pattern: Kilkenny's version is quite simple, certainly until a game opens up. Early on, the system is basic: each man has to fight for, and win, his own ball. If that's achieved successfully, the rest follows. They will then go for the cross-field balls and the more expansive stuff, but it all stems from man-on-man dominance. Sometimes, Kilkenny tend to drop half-backs/midfield deep to create space for the half-forwards, but they tend to operate orthodox numbers across the various lines. Tipperary may opt for a two-man full-forward line and push an extra man towards midfield.
persistence: It's second nature to Kilkenny and comes from being so successful for so long. A team doesn't win 21 championship games in a row without knowing the value of persistence. Kilkenny haven't had to call on it in this championship, unlike last year when they needed it against Galway, who twice led by five points, and Tipperary, who led by three points on hour mark.
Tipperary are improving in the art of persistence. They required it when Cork beat them last May and in a specific sense when Galway led them by two points in the final five minutes of this year's quarter-final. They'll need it most of all tomorrow because nobody beats Kilkenny without being as stubborn as a mule.
perception: Kilkenny thrive on the view that they're something special, which of course they are. They don't manifest it with any sense of arrogance but rather with that inner -- and indeed outer -- calm that suggests they can sort out any problem that arises. That's a big positive for them as indeed are the perceptions that their training sessions are more competitive than anywhere else and that they have a second-string which is nearly as good as the first. The risk for all opposition is that they allow themselves to believe everything they hear and read about Kilkenny.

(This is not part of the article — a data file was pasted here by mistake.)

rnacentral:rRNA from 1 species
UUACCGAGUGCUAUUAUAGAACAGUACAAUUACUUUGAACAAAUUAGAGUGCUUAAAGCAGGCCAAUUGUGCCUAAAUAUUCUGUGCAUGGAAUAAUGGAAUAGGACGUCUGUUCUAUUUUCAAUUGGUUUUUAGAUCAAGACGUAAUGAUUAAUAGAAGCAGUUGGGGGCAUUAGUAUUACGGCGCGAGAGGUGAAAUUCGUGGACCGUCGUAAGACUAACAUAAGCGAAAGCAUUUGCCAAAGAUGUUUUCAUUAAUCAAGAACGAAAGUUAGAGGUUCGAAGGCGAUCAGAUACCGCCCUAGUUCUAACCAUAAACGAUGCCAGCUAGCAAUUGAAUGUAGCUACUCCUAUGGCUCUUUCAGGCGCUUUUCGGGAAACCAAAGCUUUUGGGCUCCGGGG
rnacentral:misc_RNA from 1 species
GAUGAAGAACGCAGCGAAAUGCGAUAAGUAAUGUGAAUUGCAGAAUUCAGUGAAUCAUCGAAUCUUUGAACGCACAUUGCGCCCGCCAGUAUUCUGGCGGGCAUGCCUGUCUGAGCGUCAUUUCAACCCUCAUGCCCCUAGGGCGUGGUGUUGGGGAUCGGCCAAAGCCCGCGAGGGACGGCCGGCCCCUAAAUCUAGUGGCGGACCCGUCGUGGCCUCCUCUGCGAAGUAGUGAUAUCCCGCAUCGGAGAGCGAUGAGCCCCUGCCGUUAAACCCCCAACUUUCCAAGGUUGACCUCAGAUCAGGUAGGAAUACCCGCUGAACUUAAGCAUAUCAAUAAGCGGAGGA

Tipperary have got to counteract it by magnifying their own strong points. They're a team on the rise; they came closer than anybody to beating Kilkenny in recent seasons; and traditionally Tipp have a good record in finals against Kilkenny. Tipp need to maximise every positive they can find so that they regard themselves as equals, not optimistic contenders.
my verdict: It's the final hurling demanded, the public expected and the occasion deserved. The best team that the great game has ever produced bids for a place in immortality against the clearcut No 1 contenders.
Kilkenny have worn their successes so modestly that -- unusually for a team that has been at the top for so long -- they are still very popular. Indeed, many neutrals believe that their brilliance for so long should be recognised by a place in history.
Tipperary will ignore that as they take on a challenge for which they are well equipped, even though they just might come up short. They have done everything right since the aberration against Cork in May and are better positioned for the big test than last year. But there's evidence that Kilkenny are better than last year too due, in the main, to the extra defensive security brought by Noel Hickey's return and JJ Delaney's release to wing-back.
The big question centres on Kilkenny's injured stars and the role they will play. That, plus the inevitable pressure that the five-in-a-row pursuit brings, raises some doubts. After all, the players are only human and, as history shows, stepping into five-in-a-row territory can do strange things to the very best.
Neither Kilkenny, nor anybody else, will know how it impacts on them until the pressure comes on tomorrow, but, on the basis that Brian Cody can continue to take them to places nobody else has ventured, I back them to out-grind Tipperary in a tough, tight and wonderfully intense battle.